June 23, 2014

CoRoT 2009 Events

2009 Events

    • CoRoT satellite discovers CoRoT-9b, a temperate giant planet

    By combining 145 days of CNES' CoRoT satellite measurements to ESO's HARPS spectrograph measurements, an international team discovered a new planet - CoRoT-9b – with a probable surface temperature of about 100°C, which dimensions are near Jupiter's ones, turning around a star similar to the Sun in the Serpent constellation, at about 1,500 light-years from the Earth.

    CoRoT-exo-9b planet and its Sun
    (download - size 26 Mb)

    CNES and the mission partners Press Release (in French)
    Other article about this discovery on CNES website (in French)
    ESA press release about CoRoT 9b
    Article about CoRoT-9b published in Nature

      • CoRoT : 3 years more for the exoplanets hunter satellite, on October 23rd, 2009

      CNES, together with its national partners (CNRS and Observatoire de Paris) and international partners (Austria, Germany, Belgium, Brazil, ESA, Spain), has extended the operations of the CoRoT mission for three additional years, until 31 march 2013. The decision was taken on Friday October 23rd.

      CNES and the mission partners Press Release

        • A&A special feature: "The CoRoT space mission: early results"

        This week, Astronomy & Astrophysics is publishing a special issue devoted to the early results obtained with the CoRoT space mission. It includes 55 articles dealing with the primary goals of the CoRoT mission, that is, exoplanet hunting and asteroseismology, and also with other topics in stellar physics.

        Astronomy & Astrophysics Press Release

          CoRoT 1000 days, 100 000 stars (23/09/2009)

          Launched on December 27, 2006, CoRoT spent 1000 days in orbit! Data from over 100,000 stars have been acquired. Being of an exceptionnal quality, they distil beautiful scientific results...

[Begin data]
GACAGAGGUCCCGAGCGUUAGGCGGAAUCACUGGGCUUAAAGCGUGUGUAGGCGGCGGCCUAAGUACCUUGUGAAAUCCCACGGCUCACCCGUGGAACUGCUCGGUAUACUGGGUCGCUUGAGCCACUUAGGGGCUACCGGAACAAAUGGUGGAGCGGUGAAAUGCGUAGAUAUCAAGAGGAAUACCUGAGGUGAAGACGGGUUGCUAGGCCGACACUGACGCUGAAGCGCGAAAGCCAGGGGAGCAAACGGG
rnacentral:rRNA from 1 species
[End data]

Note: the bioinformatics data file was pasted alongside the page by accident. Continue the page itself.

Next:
Happy anniversary CoRoT!

            • CoRoT-7b is actually the first telluric exoplanet

            CoRoT is at the origine of the discovery of the smallest extrasolar planet ever detected, CoRoT 7b; this discovery was announced during the CoRoT symposium in february 2009. It required, in complement to CoRoT satellite data, observation campaigns of "CoRoT 7" star realised from ground telescopes.

            The science release by ESO and relayed by ESA, was written in conclusion of the observations made by La Silla observatory. These measurements complete our knowledge of CoRoT 7b: planet radius and distance between the planet and its star, two parameters obtained thanks to the satellite measurements. The ground measurements bring an estimation of the mass of the planet; now we know that CoRoT 7b density is near the Earth's one thus the "telluric" nature.

            Moreover, ESO's observations enabled to detect the presence of a seconde planet nammed CoRoT 7c.
            It really seems that for the first time a system with two "super Earth" (a supper Earth is a planet which mass is < 10 times the mass of the Earth) planets have been found.

            CoRoT-exo-7 solar system
            (download - size 205 Mb)

            ESA press release about CoRoT 7b
            CNES press release about CoRoT 7b (in French)
            Paris Observatory, LESIA press release
            INSU press release (in French)
            AFP press release (in French)

              • 3D visualisation tool of CoRoT satellite, its movement in orbit and its attitude

              Here is the application that enable to reproduce and visualise the CoRoT satellite in 3 D, its movement in orbit and its attitude, from real data acquired since the launch. You can reach it on the "3dview" server updated of the ephemerides, quaternions and GS data from the beginning of the mission. It can be accessed by using this link:


              For the tutorial, see the following page: